AFBI Research in Support of the Local Dairy Sector Highlighted at Winter Fair

Date published: 30 November 2017

The RUAS Winter Fair will be held on Thursday 14th December at Eikon Complex, Maze, Lisburn. AFBI researchers will be on hand at Stand EK58 to highlight the current range of topical research projects and issues.

Controlling Production Costs

With the costs of many inputs increasing, a relentless approach to improving the overall efficiency of all aspects of milk production is essential for long term survival in the dairy industry.  AFBI researchers will be on hand at this year’s Winter Fair to highlight the range of current topical research projects and issues including latest developments on:

  • Calf and heifer rearing to optimise lifetime performance
  • Optimum concentrate feed rates this winter
  • Alternative feeds in situations of silage shortage
  • Zero Grazing – latest results from Hillsborough

In addition, there will be a special focus on outcomes of the 2017 GrassCheck project, with a demonstration examining the impact of soil compaction and sward quality on grass growth. 

AFBI researchers will also be available to discuss a number of new research projects that are due to commence in the coming months, including minimising antibiotic usage, reducing ammonia emissions, the development of new technologies to measure grass growth, and strategies to optimise performance within feed-to-yield systems.  The latter project will be conducted on 30 commercial dairy farms, so if you are interested in getting involved, please make yourself known to AFBI staff at the Winter Fair.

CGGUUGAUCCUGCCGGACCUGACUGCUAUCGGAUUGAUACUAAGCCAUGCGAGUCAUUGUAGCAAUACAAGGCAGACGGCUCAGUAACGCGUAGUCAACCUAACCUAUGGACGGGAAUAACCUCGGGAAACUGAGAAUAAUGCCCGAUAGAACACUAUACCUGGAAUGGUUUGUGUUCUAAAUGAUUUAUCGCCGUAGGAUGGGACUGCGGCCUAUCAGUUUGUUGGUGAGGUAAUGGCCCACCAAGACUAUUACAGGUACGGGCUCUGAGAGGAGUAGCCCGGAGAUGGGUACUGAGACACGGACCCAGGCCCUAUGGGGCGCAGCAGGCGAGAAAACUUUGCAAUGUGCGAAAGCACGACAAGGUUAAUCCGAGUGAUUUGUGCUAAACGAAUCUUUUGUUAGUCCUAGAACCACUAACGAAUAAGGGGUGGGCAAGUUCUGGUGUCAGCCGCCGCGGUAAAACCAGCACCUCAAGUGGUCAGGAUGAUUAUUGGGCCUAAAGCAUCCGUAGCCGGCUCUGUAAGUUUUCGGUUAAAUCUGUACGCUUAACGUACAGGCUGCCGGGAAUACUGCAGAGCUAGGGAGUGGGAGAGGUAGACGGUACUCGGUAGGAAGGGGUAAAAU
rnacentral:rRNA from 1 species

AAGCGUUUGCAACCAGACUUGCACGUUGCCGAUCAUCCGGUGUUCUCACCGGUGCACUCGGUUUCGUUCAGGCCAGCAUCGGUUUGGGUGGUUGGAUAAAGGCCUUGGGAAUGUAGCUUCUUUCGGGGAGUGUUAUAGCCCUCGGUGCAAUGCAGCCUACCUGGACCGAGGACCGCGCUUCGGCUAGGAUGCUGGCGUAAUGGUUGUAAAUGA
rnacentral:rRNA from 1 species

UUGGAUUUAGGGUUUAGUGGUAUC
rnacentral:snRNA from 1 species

Many of the research projects being presented by AFBI have been co-funded by AgriSearch through the ‘dairy levy’ so please come along to the AFBI stand to discuss how the dairy levy is invested to secure a profitable future for dairy farmers in Northern Ireland.

AFBI Animal Disease Diagnostics

AFBI offers a comprehensive range of farm animal diagnostic tests which complements the post-mortem examination service offered from both the AFBI Omagh and AFBI Stormont sites. Surveillance for notifiable, zoonotic (transmissible to humans) and emerging diseases forms an important part of this work. Specialist advice on animal diseases is given to herd keepers and the veterinary profession, supporting and promoting the competitiveness of the local agri-food industry. These services underpin the safeguarding of animal and public health in Northern Ireland and legal requirements for trade.

AFBI Cattle Health Scheme

AFBI offers a Cattle Health Scheme to provide programmes for the monitoring, control and eradication of endemic diseases, working closely with herd owners and their veterinary surgeons. The scheme also provides certification when a herd meets the agreed cattle health standards. These programmes are for the five most important non-statutory diseases that are prevalent in both beef and dairy herds in Northern Ireland: Bovine Viral Diarrhoea (BVD); Infectious Bovine Rhinotracheitis (IBR); Leptospirosis; Johne’s Disease; and Neosporosis.

Neosporosis is the most commonly diagnosed cause of infectious abortion in dairy herds in the UK and was the cause of 7.1% of abortions in Northern Ireland in 2016. There are no vaccines or licensed treatments available so control of the disease is based on identification of infected animals and implementation of relevant farm management practices. Come along to the AFBI stand (EK58) to hear how joining the AFBI Cattle Health Scheme can help tackle these important endemic diseases.

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